I encourage you to think about what health means to you. Does it mean that you can keep up with your kids and your dogs, or does it mean that you do yoga and meditate a certain number of times every week? Is it about making sure you have enough energy to do what you want to do, or does it mean setting a goal, running a race, or trying new foods?

Health is very individualized. Think about the unique ways that health can manifest itself for you.

So I challenge you again, what does health mean to YOU?

Cover Image Credit:

Charlotte Kurz

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Bailey Posted A Racist Tweet, But That Does NOT Mean She Deserves To Be Fat Shamed

As a certified racist, does she deserve to be fat shamed?
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This morning, I was scrolling though my phone, rotating between Instagram, Snapchat, YouTube and Snapchat again, ignoring everyone's snaps but going through all the Snapchat subscription stories before stumbling on a Daily Mail article that piqued my interest. The article was one about a teen, Bailey, who was bullied for her figure, as seen on the snap below and the text exchange between Bailey and her mother, in which she begged for a change of clothes because people were making fun of her and taking pictures.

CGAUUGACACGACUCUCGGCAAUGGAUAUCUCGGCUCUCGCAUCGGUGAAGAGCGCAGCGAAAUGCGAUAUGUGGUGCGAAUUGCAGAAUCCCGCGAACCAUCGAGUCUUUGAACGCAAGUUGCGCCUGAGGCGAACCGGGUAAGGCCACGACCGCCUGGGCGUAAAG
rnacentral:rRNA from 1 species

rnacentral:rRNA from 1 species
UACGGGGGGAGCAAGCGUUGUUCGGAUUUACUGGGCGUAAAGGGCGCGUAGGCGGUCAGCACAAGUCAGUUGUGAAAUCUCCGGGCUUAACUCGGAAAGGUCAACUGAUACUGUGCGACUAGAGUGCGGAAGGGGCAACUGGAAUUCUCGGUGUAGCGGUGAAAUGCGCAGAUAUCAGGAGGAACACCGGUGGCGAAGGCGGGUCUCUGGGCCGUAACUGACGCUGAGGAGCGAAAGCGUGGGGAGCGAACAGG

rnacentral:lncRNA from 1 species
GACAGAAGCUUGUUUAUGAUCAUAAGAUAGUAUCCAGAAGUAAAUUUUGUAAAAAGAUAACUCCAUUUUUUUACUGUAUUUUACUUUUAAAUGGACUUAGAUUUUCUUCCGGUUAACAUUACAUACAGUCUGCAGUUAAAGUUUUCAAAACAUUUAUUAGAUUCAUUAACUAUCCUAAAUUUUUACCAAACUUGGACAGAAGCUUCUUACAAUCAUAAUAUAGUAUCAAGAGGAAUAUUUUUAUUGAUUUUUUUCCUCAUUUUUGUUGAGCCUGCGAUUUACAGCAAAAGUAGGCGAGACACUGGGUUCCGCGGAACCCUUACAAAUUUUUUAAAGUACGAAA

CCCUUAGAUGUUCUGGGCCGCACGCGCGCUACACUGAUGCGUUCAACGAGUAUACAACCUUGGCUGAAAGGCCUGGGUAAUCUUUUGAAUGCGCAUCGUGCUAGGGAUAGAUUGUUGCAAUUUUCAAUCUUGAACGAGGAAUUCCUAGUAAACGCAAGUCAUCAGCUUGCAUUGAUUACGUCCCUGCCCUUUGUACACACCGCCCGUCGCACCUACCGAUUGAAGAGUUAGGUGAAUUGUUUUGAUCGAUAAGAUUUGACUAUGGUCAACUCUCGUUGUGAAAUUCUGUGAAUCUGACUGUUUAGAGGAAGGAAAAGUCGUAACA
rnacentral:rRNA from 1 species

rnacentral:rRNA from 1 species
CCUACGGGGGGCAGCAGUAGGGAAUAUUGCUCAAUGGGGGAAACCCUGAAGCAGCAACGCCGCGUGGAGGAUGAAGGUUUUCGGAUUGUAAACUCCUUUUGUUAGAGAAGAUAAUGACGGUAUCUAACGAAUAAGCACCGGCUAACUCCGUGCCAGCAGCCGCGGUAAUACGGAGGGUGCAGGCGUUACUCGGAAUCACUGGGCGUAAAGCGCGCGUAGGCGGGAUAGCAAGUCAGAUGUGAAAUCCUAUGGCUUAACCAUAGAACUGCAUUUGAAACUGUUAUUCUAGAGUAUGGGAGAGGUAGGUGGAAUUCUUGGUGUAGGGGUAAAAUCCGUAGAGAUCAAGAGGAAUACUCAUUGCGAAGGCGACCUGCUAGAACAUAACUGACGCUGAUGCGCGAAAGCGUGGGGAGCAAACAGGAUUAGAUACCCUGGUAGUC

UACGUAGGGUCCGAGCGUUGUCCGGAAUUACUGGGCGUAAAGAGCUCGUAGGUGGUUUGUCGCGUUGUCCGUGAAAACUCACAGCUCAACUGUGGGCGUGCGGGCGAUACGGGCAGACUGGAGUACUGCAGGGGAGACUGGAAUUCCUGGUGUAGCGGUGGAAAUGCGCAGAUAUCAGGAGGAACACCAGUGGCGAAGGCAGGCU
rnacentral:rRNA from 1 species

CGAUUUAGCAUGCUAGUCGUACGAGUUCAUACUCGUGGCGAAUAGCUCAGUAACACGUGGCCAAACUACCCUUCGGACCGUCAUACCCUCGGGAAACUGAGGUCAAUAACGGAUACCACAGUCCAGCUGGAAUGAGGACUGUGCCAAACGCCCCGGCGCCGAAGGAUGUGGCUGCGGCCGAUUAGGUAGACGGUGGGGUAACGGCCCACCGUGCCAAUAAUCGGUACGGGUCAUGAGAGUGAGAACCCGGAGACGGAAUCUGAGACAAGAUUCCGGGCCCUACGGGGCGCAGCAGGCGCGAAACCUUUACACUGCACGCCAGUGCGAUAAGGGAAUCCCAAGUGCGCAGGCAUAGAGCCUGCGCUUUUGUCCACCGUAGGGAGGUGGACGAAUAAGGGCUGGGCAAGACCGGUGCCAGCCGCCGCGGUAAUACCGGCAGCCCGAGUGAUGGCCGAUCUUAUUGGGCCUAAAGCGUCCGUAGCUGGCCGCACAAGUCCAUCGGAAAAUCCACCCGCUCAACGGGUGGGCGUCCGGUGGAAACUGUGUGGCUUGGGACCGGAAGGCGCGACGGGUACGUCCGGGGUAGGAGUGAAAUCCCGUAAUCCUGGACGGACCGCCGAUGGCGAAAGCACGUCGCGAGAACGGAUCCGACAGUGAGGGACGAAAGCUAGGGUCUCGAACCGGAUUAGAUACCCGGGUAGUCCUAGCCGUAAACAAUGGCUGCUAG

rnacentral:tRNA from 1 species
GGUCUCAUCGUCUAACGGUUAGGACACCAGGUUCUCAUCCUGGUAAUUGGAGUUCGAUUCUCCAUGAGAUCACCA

Like all viral things, quickly after her text pictures and harassing snaps surfaced, people internet stalked her social media. But, after some digging, it was found that Bailey had tweeted some racist remark.

Now, some are saying that because Bailey was clearly racist, she is undeserving of empathy and deserves to be fat-shamed. But does she? All humans, no matter how we try, are prejudiced in one way or another. If you can honestly tell me that you treat everyone with an equal amount of respect after a brief first impression, regardless of the state of their physical hygiene or the words that come out of their mouth, either you're a liar, or you're actually God. Yes, she tweeted some racist stuff. But does that mean that all hate she receives in all aspects of her life are justified?

On the other hand, Bailey was racist. And what comes around goes around. There was one user on Twitter who pointed out that as a racist, Bailey was a bully herself. And, quite honestly, everyone loves the downfall of the bully. The moment the bullies' victims stop cowering from fear and discover that they, too, have claws is the moment when the onlookers turn the tables and start jeering the bully instead. This is the moment the bully completely and utterly breaks, feeling the pain of their victims for the first time, and for the victims, the bully's demise is satisfying to watch.